This is our 10 in 2 report for the week of June 5th. Listen to the audio version on our podcast feed. It has far more jokes.
...so here we go:
Moving Markets. The number of electric cars on the road globally hit 2m in 2016. The number of battery-powered vehicles numbered just hundreds globally in 2005 and passed the 1m milestone in 2015, but sales jumped 60% in 2016. (The Guardian)
Moving Monsters. For the first time in 100 years, sizable numbers of humpback whales are being spotted in the waters off NYC, and it's thanks to years of environmental clean-up efforts. It's shocking to longtime New Yorkers, who remember when the city's rivers and beaches were an ecological punchline. (Popular Science)
Where is the puck moving? While coal still produces much more energy in the US than solar, solar jobs now outnumber those in coal by more than 2-to-1, according to the Department of Energy. (PRI)
High courtroom drama. A Federal judge denied a Trump administration appeal in youth climate lawsuit . Juliana v. United States — pits a group of youth climate plaintiffs against the federal government and the fossil fuel industry. The plaintiffs allege that the federal government, through its actions and coordination with the fossil fuel industry, have violated their constitutional right to a livable climate. (Think Progress)
Overdevelopment, Overpopulation, Overshoot, a book from the NGO Population Media Center contains powerful and evocative images showing the ecological and social tragedies of humanity’s ballooning numbers and consumption. The book is out now, and can be viewed in its entirety online at populationspeakout.org.
Behavioral economics 101. A new study provides some clues as to why the political climate in the United States appears to be increasingly polarized. It suggests this polarization could be related to a desirability bias rather than a confirmation bias. People are less likely to accept new information when it conflicts with the political outcomes they want, according to research published in the Journal of Experimental Psychology.
If you come to a cliff, turn around and walk away are going backwards? In her first ever online class, Dr. Jane Goodall teaches how you can conserve the environment. She also shares her research on the behavioral patterns of chimpanzees and what they taught her about conservation. You’ll learn how to “act locally” and protect the planet. The class begins in fall 2017 via Masterclass.com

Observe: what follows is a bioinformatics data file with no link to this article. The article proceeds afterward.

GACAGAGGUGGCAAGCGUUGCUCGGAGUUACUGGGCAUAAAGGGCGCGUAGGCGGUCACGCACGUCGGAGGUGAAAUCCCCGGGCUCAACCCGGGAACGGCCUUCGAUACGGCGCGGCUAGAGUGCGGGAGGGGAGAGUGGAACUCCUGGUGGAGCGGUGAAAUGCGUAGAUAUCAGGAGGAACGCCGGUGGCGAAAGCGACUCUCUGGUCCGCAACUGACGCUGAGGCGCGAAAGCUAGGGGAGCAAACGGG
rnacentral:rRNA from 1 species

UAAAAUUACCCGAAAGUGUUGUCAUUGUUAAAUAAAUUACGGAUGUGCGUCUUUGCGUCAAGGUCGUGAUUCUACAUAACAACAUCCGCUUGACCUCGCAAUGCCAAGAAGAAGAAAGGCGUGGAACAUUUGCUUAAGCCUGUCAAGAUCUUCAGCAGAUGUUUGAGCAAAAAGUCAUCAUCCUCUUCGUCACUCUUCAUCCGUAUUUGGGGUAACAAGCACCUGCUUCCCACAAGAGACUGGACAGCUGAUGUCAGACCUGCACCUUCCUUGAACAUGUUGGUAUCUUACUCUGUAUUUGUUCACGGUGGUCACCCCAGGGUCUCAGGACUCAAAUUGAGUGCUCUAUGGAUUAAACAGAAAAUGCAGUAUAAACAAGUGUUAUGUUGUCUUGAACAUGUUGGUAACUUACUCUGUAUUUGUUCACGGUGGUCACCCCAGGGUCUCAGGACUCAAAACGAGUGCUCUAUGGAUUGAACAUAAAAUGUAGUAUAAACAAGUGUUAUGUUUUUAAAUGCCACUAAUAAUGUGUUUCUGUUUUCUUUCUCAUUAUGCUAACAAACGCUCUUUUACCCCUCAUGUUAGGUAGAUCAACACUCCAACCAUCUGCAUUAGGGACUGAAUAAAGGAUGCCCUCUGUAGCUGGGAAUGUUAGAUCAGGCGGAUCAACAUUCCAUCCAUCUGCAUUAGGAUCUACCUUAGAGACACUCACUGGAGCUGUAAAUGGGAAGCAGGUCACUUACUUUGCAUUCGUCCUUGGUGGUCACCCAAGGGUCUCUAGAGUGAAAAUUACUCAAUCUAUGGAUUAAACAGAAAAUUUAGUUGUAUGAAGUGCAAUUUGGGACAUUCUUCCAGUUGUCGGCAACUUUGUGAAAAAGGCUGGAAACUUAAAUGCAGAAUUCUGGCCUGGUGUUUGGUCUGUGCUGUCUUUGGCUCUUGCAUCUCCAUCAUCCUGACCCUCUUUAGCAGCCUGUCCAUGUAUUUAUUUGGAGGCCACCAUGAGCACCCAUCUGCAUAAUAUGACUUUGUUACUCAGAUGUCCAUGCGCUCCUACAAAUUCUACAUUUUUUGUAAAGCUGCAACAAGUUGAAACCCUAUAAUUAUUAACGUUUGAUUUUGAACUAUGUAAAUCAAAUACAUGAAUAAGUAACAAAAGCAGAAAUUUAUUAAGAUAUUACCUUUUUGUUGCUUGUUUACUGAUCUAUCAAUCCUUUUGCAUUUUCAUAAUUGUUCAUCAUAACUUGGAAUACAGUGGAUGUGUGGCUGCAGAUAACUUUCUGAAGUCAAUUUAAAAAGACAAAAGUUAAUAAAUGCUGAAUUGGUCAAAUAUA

It’s not quite divestment but... Investors claimed a historic win last week at ExxonMobil’s annual meeting when 62 percent votes in favor of a shareholder proposal calling on the oil and gas giant to assess and disclose how it is preparing its business for the transition to a low-carbon future. The proposal was hotly contested as Exxon’s management fought to sway investors right up to the last moment. Institutional investors with more than $5 trillion of combined assets under management co-filed the proposal.
Watch it. National Geographic has re-released Leonardo DiCaprio’s climate change documentary, titled “Before The Flood,” online commercial-free until June 9. The documentary — which premiered in October 2016 — has reached over 60 million people worldwide and has surpassed a record-setting 1 billion minutes viewed.
And finally… Intelligence without wisdom makes one a smart fool. Arguing a Scientific American interview that standardized tests and IQ scores are creating individuals who possess a certain kind of intelligence, but not the kind that helps society to progress in meaningful ways, Cornell professor Robert Sternberg, says, “[our testing system] leads to people who are very good at advancing themselves, often at other people’s expense. We may not just be selecting the wrong people, we may be developing an incomplete set of skills.” Chew on that over the weekend...